Domain Name Scams

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Domain Name Scams

If you own a domain or website, chances are you’ve received unsolicited “special offers” related to it.  Much of this junk mail is not just unnecessary and unwanted, but also illegitimate.  There are a number of scams associated with domains that are sent out to domain registrants regularly.  Some of the more common ones are as follows:

Domain in China –

In this scam, the holder of a domain (often listed  in public records as such) is contacted by someone who claims to work at a domain registration company in China.  They say that they have received a request from another company to register a domain either with your brand name in it or very similar to a brand name you already use.  They go on to tell you that having other people using your brand could cause confusion or damage your reputation and offer to sell you the domain, instead of that other company.  They do this, of course, out of the goodness of their hearts.  Unfortunately, this is a scam.   There is probably no other company looking to register your brand as a domain in China.  The people sending you the email just want you to pay them to register an unnecessary domain.

Registration Expiry –

Often, domain holders receive an email like this.  It appears to be a bill or invoice, notifying the recipient that the registration for their domain is about to expire.  However, if you read further, you will usually see that the “registration” is actually for SE submission or Search engine submission.  They warn that if you don’t register/renew, some search engines won’t list your website.  You do not need to pay a fee to have your site submitted to search engines.  Usually, a search engine will find your site on its own.  If you make a large update and would like to have your site reviewed by the search engine, or you have a brand new site, you can hurry this process by submitting your site to the major search engines for free, via their provided tools.  At Faster Solutions, our marketing department takes care of this for any clients with a marketing package.  Other give aways that this type of email is a scam  include disreputable “From” addresses.  I often see this scam with a cost of $75, and with text in the fine print indicating that you are not obligated to pay for this order unless you complete your payment. Often, the expiration date does not match the actual expiration date of your domain, which you can look up easily at on a number of sites.

Domain Transfer –

This one looks quite a lot like a bill for a domain renewal, as well.  It may be via email or snail mail.  The expiration date may or may not be accurate.  However, careful reading may reveal that this is a “transfer,” not just a renewal.  The company sending it wants you to pay them for your domain, instead of your current registrar.  By transferring, you may incur different fees, make it much more difficult to manage your domain and domain records, and may lose benefits that you have with your current registrar.  Warning signs here include senders that don’t sound familiar or amounts that seem different than usual.  Always check to confirm that you actually have domains with the sending company before paying.  Again, you can look up who the registrar is for your domain at a number of free websites.  If the letter is from anyone else, don’t pay it.  You can contact your registrar or website provider to confirm if you are unsure.  One company well-known for trying this scam is the Domain Registry of America, also known as:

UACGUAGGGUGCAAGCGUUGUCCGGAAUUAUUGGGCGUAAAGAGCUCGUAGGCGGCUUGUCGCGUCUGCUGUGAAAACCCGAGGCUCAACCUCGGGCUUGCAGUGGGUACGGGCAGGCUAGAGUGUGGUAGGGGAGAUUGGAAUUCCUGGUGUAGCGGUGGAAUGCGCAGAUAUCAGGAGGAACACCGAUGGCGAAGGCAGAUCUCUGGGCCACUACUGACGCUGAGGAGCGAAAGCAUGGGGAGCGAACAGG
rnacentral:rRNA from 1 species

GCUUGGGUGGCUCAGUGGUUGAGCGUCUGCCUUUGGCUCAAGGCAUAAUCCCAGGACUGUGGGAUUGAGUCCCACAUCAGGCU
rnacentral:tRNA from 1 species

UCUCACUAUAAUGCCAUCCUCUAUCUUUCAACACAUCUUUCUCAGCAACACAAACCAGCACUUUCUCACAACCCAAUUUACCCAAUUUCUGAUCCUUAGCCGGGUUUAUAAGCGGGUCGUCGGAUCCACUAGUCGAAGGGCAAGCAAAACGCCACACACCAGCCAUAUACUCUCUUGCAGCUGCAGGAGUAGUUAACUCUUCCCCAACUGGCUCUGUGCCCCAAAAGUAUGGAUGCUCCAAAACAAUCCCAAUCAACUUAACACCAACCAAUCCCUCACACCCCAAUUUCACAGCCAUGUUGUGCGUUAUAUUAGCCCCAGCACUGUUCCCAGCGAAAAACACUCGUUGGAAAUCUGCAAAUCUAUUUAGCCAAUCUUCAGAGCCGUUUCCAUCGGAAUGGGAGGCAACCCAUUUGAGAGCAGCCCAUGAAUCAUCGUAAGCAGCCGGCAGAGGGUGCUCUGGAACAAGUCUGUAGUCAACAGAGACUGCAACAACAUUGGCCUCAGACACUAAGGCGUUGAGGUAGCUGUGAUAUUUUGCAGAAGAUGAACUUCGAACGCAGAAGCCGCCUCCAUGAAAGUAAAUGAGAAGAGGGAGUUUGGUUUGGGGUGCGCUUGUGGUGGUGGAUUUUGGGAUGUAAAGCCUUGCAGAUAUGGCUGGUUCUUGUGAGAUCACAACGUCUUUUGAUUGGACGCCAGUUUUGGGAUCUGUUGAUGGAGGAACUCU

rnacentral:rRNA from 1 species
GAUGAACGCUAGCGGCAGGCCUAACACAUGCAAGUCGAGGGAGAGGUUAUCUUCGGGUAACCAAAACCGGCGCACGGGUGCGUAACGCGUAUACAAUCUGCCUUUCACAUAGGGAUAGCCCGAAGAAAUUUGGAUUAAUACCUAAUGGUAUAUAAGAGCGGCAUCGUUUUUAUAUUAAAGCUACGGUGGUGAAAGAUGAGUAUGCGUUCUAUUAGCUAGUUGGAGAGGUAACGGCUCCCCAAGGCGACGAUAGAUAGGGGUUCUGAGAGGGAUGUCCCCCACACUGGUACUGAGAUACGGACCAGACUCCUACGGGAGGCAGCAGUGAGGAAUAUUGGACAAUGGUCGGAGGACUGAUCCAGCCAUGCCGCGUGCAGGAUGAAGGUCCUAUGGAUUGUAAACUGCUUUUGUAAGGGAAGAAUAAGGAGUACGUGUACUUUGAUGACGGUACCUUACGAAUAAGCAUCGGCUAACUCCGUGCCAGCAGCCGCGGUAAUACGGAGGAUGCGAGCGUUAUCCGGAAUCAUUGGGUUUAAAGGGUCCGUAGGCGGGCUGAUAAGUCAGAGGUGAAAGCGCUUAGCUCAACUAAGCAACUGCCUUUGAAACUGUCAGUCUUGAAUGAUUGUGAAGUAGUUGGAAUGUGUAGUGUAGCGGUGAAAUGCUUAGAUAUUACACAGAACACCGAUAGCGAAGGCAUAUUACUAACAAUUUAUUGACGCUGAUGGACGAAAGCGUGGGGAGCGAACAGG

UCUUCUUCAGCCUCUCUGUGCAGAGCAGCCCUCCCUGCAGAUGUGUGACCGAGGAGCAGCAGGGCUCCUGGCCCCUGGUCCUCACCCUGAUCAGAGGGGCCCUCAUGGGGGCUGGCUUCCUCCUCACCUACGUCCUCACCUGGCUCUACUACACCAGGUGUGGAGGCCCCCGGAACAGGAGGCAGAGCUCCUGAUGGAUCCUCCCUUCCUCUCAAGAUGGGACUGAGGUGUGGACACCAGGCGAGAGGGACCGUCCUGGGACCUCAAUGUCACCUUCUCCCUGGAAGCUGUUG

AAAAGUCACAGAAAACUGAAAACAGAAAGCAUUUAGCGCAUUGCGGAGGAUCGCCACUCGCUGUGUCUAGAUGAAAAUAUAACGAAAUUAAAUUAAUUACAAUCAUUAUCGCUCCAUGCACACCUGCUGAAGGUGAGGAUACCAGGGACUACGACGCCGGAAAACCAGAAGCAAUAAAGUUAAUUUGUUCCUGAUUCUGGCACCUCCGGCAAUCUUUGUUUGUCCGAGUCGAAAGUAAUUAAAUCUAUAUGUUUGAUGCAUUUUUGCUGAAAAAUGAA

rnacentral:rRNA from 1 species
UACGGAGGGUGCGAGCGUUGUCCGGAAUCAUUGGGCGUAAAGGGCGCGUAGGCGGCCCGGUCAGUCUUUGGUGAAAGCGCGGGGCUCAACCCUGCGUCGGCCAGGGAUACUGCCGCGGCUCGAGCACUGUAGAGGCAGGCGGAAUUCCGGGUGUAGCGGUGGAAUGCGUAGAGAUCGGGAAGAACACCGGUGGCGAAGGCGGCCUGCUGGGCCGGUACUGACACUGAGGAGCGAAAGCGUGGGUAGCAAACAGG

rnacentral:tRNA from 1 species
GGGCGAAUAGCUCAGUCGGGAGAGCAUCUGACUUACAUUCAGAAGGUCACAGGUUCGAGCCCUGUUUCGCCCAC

Letters from DRoA

Photo courtesy of

  • DRoA
  • Domain Registry of Canada
  • Domain Renewal Group
  • Domain Registry of Europe
  • Domain Registry of Australia
  • Internet Registry of Canada
  • Liberty Names of America
  • Yellow Business
  • Internet Corporation Listing Service
  • Brandon Gray Internet Services

The main things to remember when receiving domain-related letters and email are these:

  • If it isn’t directly from your registrar, don’t pay.
  • Read carefully, as the scammers may have chosen a name or domain very similar to, but slightly different from, your actual domain or resgistrar.
  • If you aren’t sure who your registrar is, check.
  • Don’t respond to these emails, or you are just confirming that it is a valid email and will receive more spam.
  • If you do want to switch to a different registrar, do some research and go to them through their website, rather than responding to an unsolicited email.
  • Be wary of any domain or website offers you didn’t solicit, not just registration offers.  Do research on the offering company, including third-party reviews.
  • If an offer seems too nice to be true, it probably is.


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